The alternative fuel of the future could be ethanol or maybe even hydrogen, but Alan Mulally doesn't pretend to have a crystal ball.
"This is exciting," said Mulally, Ford Motor Co. president and CEO, listing a myriad of directions people may turn to fuel automobiles in the future. "Somewhere in here is a solution that we're all going to figure out, because we need to figure it out."
The Lawrence native and Kansas University graduate chosen to revive the struggling auto giant returned to his hometown Monday to deliver the Anderson Chandler Lecture at the Lied Center.
The event was sponsored by KU's School of Business in conjunction with KU's School of Engineering.
Mulally spent nearly four decades at Boeing Co. before becoming president and CEO of Ford in September. The Dearborn, Mich.-based company posted a record net loss of $12.7 billion for 2006.
"When we come out of this thing, we're going to be a turbo machine," Mulally told the nearly-packed house at the Lied Center.
Mulally, who often referred to his mother, Lauraine Mulally, in the audience, chatted about his early years growing up in Lawrence, working at local businesses, and his young ambitions to be an astronaut.
"I was 'The Right Stuff,'" he said. "I was going to go to the moon."
His plans were derailed because of slight color blindness. Instead, Mulally took the path that led to a long career at Boeing, including such roles as vice president of engineering, senior vice president of airplane development and president of information, space and defense systems. He was CEO of Boeing Commercial Airplanes from 2001 until moving to Ford.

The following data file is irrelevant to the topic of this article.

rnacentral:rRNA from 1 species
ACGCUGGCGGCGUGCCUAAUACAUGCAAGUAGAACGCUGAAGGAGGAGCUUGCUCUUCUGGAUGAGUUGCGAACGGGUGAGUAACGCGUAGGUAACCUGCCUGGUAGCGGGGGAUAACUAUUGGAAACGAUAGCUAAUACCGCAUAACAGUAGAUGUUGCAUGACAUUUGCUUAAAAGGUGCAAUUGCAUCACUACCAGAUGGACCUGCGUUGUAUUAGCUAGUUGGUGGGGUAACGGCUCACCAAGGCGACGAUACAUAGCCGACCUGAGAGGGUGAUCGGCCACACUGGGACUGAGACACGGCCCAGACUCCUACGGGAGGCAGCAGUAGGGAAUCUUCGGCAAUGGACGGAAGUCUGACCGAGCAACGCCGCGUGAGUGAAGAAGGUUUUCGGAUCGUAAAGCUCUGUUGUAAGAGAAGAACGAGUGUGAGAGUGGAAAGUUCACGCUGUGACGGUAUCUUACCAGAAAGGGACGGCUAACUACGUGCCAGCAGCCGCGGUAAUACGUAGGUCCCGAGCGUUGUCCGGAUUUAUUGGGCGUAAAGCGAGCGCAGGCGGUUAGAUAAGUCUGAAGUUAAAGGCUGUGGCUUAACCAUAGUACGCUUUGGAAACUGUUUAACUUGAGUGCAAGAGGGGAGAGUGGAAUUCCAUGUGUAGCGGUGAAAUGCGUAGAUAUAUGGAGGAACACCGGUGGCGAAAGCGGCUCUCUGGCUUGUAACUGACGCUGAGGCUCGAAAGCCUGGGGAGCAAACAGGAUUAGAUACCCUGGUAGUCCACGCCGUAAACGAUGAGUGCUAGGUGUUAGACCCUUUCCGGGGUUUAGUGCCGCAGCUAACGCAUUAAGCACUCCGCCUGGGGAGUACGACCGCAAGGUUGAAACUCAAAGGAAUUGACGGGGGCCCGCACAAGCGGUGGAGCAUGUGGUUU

Mulally offered tips for successful cooperation in the workplace. Put people first, he said, and include everyone; create a compelling vision, listen and have emotional resilience.
"I think he's a great guy to follow," said Ben Miller, a KU business student who listened to Mulally's talk. "He's very successful. Maybe I could be as successful as him one day."
Mulally's test at Ford, which is restructuring and pressing on with investment in fuel-efficient cars and a full family of products and services, is to make the company viable, he said.
"The reason I came to Ford was to create a long-term viable Ford Motor Company for the all the reasons that go with that - its contribution to society; its creation of fabulous, high-tech, important jobs; United States competitiveness in manufacturing, engineering, design and science," he said. "I think that progress on that is how Ford and I will be judged."